Dispatches > In Brief

In Brief

"In Brief" Continued...

Issue: "Jim Talent: Majority maker," Nov. 23, 2002

By the book?

Crisis? What crisis? That was Clifton Kirkpatrick's response to widely circulated reports of a "constitutional crisis" looming in the 2.5-million-member Presbyterian Church (U.S.A.). Mr. Kirkpatrick is the PCUSA's moderator (top executive). In a memo to denominational leaders this month, he denied any such crisis exists.

Conservatives in the PCUSA beg to differ. They point to a number of churches and pastors in open violation of provisions of the PCUSA Book of Order, the church's constitution, with little or nothing being done to bring them to account. Mainly, these churches and pastors oppose the constitutional standard of fidelity in marriage and chastity in singleness for pastors and church officers, and they chafe at the prohibition against "marrying" couples of the same sex.

For example, one of the rebels is Pastor A. Stephen Van Kuiken of Mt. Auburn Presbyterian Church in Cincinnati. He has said repeatedly he won't obey church law. His church's November newsletter reported that he and Rev. Judy McBridge conducted a "marriage" ceremony for a lesbian couple in October.

Rev. Van Kuiken is facing disciplinary charges in his PCUSA presbytery (regional governing unit). The charges were filed by conservative Presbyterian Paul Rolf Jensen, a lawyer in Vienna, Va., but the presbytery has been dragging its feet.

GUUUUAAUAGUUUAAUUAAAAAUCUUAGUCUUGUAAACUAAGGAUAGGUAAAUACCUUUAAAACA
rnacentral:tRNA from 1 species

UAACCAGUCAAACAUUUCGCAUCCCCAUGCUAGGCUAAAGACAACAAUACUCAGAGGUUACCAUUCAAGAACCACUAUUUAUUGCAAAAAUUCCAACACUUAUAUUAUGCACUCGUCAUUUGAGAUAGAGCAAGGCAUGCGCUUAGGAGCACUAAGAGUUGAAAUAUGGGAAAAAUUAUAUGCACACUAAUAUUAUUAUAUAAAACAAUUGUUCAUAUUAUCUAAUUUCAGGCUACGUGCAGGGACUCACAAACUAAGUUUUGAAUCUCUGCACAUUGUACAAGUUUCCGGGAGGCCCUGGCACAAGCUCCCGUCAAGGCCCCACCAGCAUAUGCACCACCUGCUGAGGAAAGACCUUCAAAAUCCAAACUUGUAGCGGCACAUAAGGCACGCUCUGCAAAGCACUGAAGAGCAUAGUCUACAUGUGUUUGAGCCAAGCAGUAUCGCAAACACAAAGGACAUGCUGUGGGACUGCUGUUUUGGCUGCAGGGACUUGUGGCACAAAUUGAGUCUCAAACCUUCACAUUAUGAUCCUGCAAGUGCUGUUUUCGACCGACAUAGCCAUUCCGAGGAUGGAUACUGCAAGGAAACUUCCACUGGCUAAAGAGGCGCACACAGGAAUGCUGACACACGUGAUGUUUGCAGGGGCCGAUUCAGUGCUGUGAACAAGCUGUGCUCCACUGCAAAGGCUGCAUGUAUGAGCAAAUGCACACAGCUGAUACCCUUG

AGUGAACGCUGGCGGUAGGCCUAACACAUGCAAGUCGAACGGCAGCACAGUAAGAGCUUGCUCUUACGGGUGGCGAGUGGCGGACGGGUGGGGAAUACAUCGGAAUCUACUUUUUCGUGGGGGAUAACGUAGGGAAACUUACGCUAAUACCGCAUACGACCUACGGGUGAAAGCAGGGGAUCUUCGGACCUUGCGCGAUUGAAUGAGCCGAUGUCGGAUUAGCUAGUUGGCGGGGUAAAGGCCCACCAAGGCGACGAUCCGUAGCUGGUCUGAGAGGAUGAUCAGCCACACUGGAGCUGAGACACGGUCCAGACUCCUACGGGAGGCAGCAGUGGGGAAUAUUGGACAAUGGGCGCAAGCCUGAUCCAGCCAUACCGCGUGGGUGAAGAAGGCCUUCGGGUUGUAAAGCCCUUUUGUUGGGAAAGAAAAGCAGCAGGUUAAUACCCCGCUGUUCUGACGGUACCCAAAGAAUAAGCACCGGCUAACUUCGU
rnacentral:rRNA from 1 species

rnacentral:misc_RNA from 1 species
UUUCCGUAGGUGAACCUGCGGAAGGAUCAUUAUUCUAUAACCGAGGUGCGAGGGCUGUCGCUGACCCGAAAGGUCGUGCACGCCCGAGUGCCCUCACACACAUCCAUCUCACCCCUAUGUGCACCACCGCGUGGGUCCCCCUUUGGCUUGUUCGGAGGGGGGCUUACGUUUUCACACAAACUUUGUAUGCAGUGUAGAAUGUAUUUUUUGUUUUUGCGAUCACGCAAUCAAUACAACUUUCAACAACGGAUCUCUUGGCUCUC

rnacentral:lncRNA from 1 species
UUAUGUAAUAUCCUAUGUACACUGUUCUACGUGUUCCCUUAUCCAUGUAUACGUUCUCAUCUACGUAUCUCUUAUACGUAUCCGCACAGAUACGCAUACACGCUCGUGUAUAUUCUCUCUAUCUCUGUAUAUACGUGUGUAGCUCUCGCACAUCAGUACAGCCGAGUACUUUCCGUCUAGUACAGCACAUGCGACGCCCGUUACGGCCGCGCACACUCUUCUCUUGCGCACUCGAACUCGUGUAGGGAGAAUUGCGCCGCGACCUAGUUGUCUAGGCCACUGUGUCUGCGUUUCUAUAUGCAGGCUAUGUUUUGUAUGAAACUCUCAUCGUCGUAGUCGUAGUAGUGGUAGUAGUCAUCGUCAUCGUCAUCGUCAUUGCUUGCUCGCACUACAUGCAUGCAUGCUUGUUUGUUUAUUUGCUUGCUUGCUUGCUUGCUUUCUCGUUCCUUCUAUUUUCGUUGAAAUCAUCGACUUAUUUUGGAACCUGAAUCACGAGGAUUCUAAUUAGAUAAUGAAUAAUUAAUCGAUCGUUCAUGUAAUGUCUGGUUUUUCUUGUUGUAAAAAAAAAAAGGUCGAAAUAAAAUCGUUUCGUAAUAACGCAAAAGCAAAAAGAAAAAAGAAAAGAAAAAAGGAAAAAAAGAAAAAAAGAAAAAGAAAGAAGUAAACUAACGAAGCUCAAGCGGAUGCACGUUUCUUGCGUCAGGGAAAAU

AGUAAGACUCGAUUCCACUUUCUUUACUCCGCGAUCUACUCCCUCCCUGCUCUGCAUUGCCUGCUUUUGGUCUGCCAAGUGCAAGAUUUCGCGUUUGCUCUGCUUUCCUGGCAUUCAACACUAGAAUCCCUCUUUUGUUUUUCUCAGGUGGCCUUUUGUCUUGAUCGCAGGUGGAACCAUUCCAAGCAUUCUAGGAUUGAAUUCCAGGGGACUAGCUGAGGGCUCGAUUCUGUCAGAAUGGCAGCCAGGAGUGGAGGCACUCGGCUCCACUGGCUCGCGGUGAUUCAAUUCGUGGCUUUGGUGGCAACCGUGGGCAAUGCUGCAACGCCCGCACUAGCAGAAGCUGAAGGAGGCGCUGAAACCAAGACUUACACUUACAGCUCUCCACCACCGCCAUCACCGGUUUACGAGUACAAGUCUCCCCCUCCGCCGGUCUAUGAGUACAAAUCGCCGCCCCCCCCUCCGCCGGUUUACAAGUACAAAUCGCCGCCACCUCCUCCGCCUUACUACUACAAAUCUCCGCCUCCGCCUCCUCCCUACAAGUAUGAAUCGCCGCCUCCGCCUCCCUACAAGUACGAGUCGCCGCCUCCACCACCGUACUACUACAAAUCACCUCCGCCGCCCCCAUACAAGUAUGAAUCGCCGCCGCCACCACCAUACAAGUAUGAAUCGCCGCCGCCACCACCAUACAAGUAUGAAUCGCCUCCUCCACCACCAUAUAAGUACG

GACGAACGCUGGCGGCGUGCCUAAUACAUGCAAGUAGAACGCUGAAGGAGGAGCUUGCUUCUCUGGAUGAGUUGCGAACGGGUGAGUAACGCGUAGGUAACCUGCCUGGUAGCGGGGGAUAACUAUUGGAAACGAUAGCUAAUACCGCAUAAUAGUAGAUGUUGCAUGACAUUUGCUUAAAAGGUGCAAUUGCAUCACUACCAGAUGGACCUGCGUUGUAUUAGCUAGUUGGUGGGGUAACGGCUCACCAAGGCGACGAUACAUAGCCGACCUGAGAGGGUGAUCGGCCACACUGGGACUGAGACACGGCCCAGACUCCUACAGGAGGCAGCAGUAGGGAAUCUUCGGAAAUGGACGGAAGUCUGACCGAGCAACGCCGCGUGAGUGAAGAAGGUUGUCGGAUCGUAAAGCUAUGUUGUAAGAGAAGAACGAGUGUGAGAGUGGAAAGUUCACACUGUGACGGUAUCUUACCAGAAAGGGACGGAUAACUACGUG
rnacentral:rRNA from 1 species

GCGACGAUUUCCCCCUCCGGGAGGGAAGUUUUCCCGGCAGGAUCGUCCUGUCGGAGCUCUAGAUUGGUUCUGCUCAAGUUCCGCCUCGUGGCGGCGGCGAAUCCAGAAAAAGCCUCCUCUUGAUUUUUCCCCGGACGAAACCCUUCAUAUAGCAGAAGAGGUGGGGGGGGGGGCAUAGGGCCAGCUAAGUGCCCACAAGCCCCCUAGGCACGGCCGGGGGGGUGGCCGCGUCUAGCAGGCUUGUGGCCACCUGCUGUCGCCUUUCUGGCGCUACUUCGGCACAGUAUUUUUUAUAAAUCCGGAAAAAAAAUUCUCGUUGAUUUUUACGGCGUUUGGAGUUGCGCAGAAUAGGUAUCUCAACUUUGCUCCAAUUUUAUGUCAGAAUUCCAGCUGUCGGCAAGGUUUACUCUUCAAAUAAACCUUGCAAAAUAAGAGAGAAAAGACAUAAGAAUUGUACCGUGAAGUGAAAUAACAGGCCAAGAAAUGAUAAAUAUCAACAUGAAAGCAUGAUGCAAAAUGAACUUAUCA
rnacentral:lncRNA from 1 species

Mr. Jensen has similar charges pending in about 20 other cases. One involves Rev. Donald Stroud, a minister in the Presbytery of Baltimore who works with a gay-activist organization. The presbytery itself in a lopsided, stunning vote called on its governing council to adopt a policy of defiance against the PCUSA sexuality provisions. Proposed wording: The presbytery "shall not pursue any disciplinary or remedial complaints growing out of attempts to enforce the provisions ..."

Because the rebels aren't being reigned in, many conservatives want the PCUSA's top governing body, the General Assembly, to intervene-even if it means scheduling a special meeting. But, warned Mr. Kirkpatrick in his memo to PCUSA leaders, the constitution assigns the responsibility of adjudication to the judicial commissions at the presbytery, synod, and national level-190 in all. If governing bodies were to intervene in the judicial process, he said, then the PCUSA indeed would be plunged into "a constitutional crisis." | Edward E. Plowman

Registry outrage

Belarus President Alexander Lukashenko on Halloween signed into law one of the most repressive religion laws in all the former Soviet republics. In effect, it establishes the Russian Orthodox Church as the favored state religion. It bans activity by "unregistered" religious groups but makes it nearly impossible for minority religious groups to register. Baptist, Pentecostal, and other Protestant leaders vow not to be deterred. "However difficult, we'll remain faithful to a higher law," one Baptist leader said. | Edward E. Plowman


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